Sometimes life gives you a second chance, or even two! Not always, but sometimes. It’s what you do with those second chances that counts.
Peyton Pelluer was not supposed to be here. After suffering a season ending injury in September of last year, we all thought Pelluer’s eligibility had run out. He had, after all, used a redshirt season for a non-injury reason and was in year five of five when he got hurt. He would have to count on the NCAA, whose decisions on granting additional years of eligibility are about as consistent as a two-year old’s mood, to give him another season.
The NCAA, prior to this fall, did just that. They must’ve just gotten up from their nap.
That was extremely good news for the Washington State Cougars. In a year when so much of their defense was disappearing because of graduation or leaving for the draft, having a leader, a player who you could count on every week to make the big plays, was huge. Pelluer’s presence in the middle is that of a steadying hand; a player with more experience on the field than just about anyone in the conference, let alone his team.
The sixth year senior has never blown anyone away with his sheer speed, not the way Jahad Woods damn near leaps off the field at you. But Pelluer has what many other linebackers only wish they could: instincts. Rare is a time when you will see him out of position, taking a bad angle or missing a sure fire tackle. He’s a steadying presence on the second level for Washington State, made all the more important by the relative youth surrounding him.
Pelluer’s leadership and experience will surely come into use again and again this season. But against a team like the San Jose State Spartans, it is perhaps even more crucial. SJSU, by any metric, is a pretty terrible football team. They are damn near dead last in Bill Connelly’s S&P+ rankings and after a 2-10 season in 2017, they opened 2018 with a bad loss to the team voted to finish ninth in the Big Sky Conference. In fact, the Aggies nearly hung 600 yards of offense on San Jose State. The Spartans seemed to move the ball better with Montel Aaron at quarterback; he finished with more than 13 yards per attempt and threw for two touchdowns. But SJSU may be without their best running back, Tyler Nevens, who left the field on a stretcher last Thursday.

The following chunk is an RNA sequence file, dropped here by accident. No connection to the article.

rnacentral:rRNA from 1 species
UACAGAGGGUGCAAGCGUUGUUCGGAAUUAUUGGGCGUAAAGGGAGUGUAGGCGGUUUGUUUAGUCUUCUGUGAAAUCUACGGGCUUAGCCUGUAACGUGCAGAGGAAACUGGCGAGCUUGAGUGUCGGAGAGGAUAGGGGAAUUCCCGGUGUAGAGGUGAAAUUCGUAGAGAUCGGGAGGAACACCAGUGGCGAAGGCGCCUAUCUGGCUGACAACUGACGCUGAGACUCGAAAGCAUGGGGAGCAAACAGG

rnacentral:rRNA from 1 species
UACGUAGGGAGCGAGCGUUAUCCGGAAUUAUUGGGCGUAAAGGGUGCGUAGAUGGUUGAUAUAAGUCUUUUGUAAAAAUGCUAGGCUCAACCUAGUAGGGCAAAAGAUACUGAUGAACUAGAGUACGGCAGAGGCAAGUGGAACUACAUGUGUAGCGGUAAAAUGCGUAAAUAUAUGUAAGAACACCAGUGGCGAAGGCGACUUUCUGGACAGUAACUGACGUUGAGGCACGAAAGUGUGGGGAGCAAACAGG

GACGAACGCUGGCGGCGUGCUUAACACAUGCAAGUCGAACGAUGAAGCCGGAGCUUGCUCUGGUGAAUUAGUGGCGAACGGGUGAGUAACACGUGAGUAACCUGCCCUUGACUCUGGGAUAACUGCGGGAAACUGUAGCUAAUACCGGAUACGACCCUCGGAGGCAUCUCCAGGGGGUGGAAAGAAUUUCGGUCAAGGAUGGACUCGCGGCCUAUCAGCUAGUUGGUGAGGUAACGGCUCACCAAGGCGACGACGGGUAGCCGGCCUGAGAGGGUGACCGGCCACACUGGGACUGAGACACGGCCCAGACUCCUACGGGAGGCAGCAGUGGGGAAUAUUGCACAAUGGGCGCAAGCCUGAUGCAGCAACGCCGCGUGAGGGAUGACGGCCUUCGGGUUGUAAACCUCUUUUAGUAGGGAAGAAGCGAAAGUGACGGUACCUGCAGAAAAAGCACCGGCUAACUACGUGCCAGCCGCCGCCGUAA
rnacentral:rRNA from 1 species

That’s all to say: San Jose State is the worst team WSU will play all year and it’s not even close.
I have no doubt about the offense’s ability to move the ball against San Jose State’s defense; they proved they could do that last week against a much better squad. But the defense didn’t have to pass too big a test; Tyler Vander Waal was almost inept at quarterback and they controlled Wyoming’s running game fairly well. On paper, SJSU seems more potent, just barely.
We said last year before the game against Nevada you can’t look ahead during the season, no matter how bad the opponent is. SJSU lost to UC-Davis last week, a situation Washington State is all too familiar with. Anyone, at any time, can jump up and bite you if you’re not taking them seriously.
Pelluer is just the guy to make sure his defense takes this team seriously. He got to see first hand Washington State lose to Big Sky teams two years running, my assumption would be he wants no part of another inexplicable loss.
There will be games this team needs Pelluer’s intangibles more. Saturday is a good time to shake the rust off them.
Yesterday is gone. Tomorrow has not yet come. We have only today. Let us begin.
Peyton Pelluer, your most important person vs. San Jose State.